Tenderness was the most prevalent complication among the patients in this study, followed by other issues such as loss of consciousness, functional impairment, and distraction. None of the patients, however, showed any signs of toxicity. The cervical collar greatly decreased the range of motion in the neck (about 53 degrees), which affected the jugular venous pressure. Different types of collars also contributed to some discomfort [24]. Another critical problem with the collar was difficulty with breathing through the respiratory passages [25]. Unnecessary collars can worsen the patients’ conditions by restricting the motion of the neck, disrupting the air and respiratory channels, and increasing venous pressure, in addition to causing discomfort.

The use of cervical collars without indication was more prevalent among men, although the difference was not statistically significant. Patients without multiple traumas and patients with a medical history used cervical collars at much higher rates than patients with multiple traumas and patients without a history, respectively. The earlier studies on the cervical collar did not extensively investigate these aspects. Although assuming that the rate of unnecessary use of this service is comparable to that of other hospital services, there is similar evidence in the field of inappropriate use of services and related factors [26, 27]. The use of a cervical collar is justified in patients with multiple traumas who may require further restriction of their neck movement. However, for the majority of patients who did not have multiple traumas or who had mild injuries, a cervical collar was unnecessary and overused.

The use of cervical collars in trauma patients is frequently based on inadequate criteria and involves various challenges. These include the lack of reliable predictors for the severity and extent of neck and spinal cord injuries, the optimal duration of collar application, and the proper practices of medical staff in applying cervical collars. These challenges might lead to overuse and misuse of cervical collars, which could harm the recovery of trauma patients [28-30]. To avoid unwarranted injury and resource waste, it is recommended to update the guidelines for cervical collar use and provide adequate training. Similar to other economic sectors, the health system struggles with constrained resources and growing and complicated healthcare needs. Therefore, it is essential to prioritize the allocation of resources to services that are beneficial and vital for patient health [7, 16, 19]. Cervical collars have been the subject of several studies that have questioned their efficacy and safety and concluded that they are frequently unnecessary or even harmful [8, 16]. Hence, the use of cervical collars in many trauma patients either has little impact or causes adverse effects, resulting in resource waste and patient harm. While some studies suggested reviewing the guidelines and enhancing the effectiveness of cervical collars, others recommended discontinuing their use and investigating alternative methods and solutions [8, 14, 15].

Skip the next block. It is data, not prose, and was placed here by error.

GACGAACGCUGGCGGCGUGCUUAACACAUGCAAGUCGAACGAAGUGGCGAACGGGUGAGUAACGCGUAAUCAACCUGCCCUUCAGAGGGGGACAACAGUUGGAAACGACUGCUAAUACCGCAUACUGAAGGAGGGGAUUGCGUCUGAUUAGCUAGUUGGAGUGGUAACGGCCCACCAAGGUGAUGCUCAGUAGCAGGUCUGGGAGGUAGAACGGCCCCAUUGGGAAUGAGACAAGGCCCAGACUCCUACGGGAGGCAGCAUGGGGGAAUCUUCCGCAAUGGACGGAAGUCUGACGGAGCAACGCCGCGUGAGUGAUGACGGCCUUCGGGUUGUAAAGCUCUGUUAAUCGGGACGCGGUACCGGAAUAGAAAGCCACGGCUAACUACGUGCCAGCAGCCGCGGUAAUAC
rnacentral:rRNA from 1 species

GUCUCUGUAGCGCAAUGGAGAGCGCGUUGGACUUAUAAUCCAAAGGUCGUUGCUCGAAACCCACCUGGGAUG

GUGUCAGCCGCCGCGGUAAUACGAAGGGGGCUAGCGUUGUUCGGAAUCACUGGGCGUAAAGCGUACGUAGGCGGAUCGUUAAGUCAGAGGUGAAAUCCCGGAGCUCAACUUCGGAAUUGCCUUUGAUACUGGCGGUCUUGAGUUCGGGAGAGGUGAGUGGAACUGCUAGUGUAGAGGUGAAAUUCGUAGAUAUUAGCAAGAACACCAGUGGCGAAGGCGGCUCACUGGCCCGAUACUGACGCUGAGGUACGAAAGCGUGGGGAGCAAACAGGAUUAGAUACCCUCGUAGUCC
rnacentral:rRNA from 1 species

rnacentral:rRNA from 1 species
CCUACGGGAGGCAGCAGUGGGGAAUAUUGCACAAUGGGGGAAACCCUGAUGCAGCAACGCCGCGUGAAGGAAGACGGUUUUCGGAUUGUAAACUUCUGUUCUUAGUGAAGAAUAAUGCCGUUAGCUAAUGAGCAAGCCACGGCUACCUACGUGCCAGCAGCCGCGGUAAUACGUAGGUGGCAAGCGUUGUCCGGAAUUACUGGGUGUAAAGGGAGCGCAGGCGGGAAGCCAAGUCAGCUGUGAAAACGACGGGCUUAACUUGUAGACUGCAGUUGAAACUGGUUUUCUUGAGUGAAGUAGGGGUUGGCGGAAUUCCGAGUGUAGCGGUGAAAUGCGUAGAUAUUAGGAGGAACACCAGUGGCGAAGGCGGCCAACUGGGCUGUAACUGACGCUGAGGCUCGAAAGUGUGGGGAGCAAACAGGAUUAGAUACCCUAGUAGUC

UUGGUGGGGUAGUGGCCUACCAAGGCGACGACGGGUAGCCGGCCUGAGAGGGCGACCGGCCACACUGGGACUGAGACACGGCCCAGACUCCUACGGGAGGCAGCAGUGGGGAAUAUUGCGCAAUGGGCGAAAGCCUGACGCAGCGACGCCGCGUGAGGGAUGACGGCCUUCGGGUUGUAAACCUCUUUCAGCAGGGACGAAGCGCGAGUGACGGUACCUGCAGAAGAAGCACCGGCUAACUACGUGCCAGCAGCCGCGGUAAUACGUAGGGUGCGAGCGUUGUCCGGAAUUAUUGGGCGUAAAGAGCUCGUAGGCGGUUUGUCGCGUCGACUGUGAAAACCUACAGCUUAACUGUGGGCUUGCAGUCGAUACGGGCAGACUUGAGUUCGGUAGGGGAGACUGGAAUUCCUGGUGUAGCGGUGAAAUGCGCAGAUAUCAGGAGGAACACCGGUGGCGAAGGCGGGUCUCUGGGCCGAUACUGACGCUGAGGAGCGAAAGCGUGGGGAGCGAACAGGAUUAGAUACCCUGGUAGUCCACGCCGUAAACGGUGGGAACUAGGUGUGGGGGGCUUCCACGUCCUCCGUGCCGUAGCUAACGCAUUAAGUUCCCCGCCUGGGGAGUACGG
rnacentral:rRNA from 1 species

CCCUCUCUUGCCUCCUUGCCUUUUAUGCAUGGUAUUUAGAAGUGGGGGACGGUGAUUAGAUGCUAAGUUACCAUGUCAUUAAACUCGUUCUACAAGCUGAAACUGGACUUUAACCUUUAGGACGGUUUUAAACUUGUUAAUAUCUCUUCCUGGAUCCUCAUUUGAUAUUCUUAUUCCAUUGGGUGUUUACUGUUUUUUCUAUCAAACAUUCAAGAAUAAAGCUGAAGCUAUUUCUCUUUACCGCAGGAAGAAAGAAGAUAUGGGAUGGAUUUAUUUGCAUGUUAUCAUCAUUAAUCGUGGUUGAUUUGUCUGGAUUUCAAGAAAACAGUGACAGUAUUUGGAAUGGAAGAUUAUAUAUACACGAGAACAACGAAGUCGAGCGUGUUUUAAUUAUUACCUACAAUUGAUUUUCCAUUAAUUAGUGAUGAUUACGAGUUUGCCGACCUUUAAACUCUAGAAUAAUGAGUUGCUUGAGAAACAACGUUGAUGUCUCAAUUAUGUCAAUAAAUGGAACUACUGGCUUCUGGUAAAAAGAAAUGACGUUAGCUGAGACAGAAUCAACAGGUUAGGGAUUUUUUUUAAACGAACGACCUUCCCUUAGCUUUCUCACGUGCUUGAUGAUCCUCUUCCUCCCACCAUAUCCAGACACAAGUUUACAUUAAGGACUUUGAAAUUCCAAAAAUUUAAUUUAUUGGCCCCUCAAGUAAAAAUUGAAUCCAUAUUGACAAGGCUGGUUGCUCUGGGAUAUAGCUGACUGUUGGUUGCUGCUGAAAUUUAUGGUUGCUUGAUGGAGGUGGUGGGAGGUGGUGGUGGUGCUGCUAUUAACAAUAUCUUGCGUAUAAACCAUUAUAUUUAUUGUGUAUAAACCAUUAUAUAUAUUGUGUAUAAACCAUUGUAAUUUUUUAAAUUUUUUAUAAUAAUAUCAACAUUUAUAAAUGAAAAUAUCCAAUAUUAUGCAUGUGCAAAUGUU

According to the findings of the present study, although the cervical collar was unnecessary for almost half of the trauma patients, it was prescribed. Apart from wasting hospital resources, the cervical collar can cause complications for patients rather than accelerating their recovery. Since the cervical collar causes problems and injuries in more than 40% of trauma patients, if alternative methods cannot be substituted, the guidelines for utilizing cervical collars should be reviewed and updated. These findings can be used to determine if the cervical collar is necessary or not in different situations, as well as to enhance processes and guidelines.




Ethics approval and consent to participate: This study received approval from the Ethics Committee of Iran University of Medical Sciences (Tehran, Iran) with the ethics code of IR.IUMS.REC.1400.567. Written informed consent was obtained from all patients.


Consent for publication: All authors read and approved the final manuscript to be published and agreed to be accountable for all aspects of the work in terms of the accuracy and integrity of any of its parts.


Conflict of Interest: None declared.

Funding: This study was financially supported by Iran University of Medical Sciences with grant number 21398.


Authors’ Contribution: Study concept, study design, and supervision: M.H., A.T.; acquisition of data: M.A., M.V.; analysis and interpretation of data: H.H.; drafting of the manuscript, technical and material support: K.K.


Acknowledgment: This study was supported by Iran University of Medical Sciences.